For 'strict', all atom names, residue numbers and part id's have to be identical. The only exception is that part ' ' and part 'A' are considered equivalent. This allows to consider a first conformer equivalent to a unique position. The criterion on residue names can be loosened by using an offset for the residue number of atoms in setb (see keyword setb_rn_offset here). This is useful if you want to compare different chains from a SHELXL .lst file as these do not have chain id's (an offset for residuenumbers is used instead). The residue type is not checked as this allows more flexibility if for example CA atoms of proteins with a point mutation are compared.

For 'loose', only the number of atoms is checked. If an setb_rn_offset is not supplied, the offset between residue numbers is automatically determined from the first pair of atoms. If setb_rn_offset is unequal 0, the value provided is used.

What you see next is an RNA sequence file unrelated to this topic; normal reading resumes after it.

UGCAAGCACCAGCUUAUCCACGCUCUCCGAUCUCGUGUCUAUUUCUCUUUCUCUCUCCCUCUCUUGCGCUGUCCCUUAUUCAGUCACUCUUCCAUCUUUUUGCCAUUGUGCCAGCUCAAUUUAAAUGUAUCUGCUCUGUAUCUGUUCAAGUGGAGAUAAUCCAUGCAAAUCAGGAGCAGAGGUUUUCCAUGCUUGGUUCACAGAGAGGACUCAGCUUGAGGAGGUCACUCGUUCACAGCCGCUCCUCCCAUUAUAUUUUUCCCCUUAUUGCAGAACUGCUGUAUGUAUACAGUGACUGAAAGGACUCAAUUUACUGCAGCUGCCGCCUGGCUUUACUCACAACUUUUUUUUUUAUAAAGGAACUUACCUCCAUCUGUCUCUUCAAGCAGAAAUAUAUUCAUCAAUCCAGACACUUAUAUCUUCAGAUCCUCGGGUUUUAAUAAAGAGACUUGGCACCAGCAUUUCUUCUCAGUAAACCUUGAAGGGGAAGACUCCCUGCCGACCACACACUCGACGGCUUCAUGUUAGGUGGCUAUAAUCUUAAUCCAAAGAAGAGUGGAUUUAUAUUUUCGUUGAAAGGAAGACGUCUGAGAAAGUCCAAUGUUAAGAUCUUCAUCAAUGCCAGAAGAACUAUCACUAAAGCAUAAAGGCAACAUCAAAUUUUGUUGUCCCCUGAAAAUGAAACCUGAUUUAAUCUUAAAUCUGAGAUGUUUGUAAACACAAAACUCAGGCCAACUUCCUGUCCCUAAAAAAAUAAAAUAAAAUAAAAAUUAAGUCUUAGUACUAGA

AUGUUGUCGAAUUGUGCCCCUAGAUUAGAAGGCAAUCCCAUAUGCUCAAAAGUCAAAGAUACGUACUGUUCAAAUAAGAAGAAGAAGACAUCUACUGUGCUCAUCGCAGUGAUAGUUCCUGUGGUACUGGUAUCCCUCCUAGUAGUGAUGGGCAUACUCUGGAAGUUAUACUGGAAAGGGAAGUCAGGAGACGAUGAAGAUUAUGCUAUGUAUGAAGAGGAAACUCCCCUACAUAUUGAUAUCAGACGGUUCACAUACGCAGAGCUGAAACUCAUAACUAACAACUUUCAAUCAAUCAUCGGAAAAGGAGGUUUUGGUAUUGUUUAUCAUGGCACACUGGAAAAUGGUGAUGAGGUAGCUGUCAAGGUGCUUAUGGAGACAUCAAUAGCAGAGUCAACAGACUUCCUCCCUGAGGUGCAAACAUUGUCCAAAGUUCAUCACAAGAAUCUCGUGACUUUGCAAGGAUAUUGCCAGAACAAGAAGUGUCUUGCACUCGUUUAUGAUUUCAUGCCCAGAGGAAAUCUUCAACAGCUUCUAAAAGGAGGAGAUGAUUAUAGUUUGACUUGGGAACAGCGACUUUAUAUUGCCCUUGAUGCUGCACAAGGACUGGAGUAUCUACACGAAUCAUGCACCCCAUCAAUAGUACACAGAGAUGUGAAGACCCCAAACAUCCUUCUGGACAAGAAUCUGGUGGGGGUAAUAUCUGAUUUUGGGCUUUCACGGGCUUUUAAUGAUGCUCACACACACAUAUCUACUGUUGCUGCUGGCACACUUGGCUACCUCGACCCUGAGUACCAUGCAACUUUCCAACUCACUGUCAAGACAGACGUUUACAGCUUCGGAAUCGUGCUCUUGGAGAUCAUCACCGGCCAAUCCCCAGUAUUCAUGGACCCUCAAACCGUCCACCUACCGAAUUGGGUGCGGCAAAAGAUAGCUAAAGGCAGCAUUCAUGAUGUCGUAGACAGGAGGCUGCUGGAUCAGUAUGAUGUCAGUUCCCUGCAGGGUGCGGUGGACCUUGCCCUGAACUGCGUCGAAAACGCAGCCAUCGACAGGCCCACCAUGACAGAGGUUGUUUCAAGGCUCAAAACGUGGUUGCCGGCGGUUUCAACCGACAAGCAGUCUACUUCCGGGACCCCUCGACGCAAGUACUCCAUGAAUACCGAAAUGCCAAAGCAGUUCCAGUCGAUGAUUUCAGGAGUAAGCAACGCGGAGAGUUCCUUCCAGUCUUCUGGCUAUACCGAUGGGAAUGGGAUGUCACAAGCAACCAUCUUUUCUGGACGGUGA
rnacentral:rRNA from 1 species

minfraglen <real> [auto]
Length of shortest allowed fragment of a rigid body in percent. If a fragment is shorter than this it is converted to 'flexible'. By default this value is set such that fragments shorter than 5 are not allowed. Set this value to 0.0 if you want to switch off this part of the polishing of the solution.
patchlen <0|1> [1]
Wether or not to patch single residues that are not marked as rigid. Set this value to zero if you want to switch off the patching.
setb_rn_offset <integer> [0]
Offset to be used for residuenumbers of setb in difference distance matrix calculations. Can be made positive or negative. If kept at 0, the program tries to be sensible in inventing this offset (see keyword check above). If unequal 0, the given value is used.
rb_plot <boolean> [off]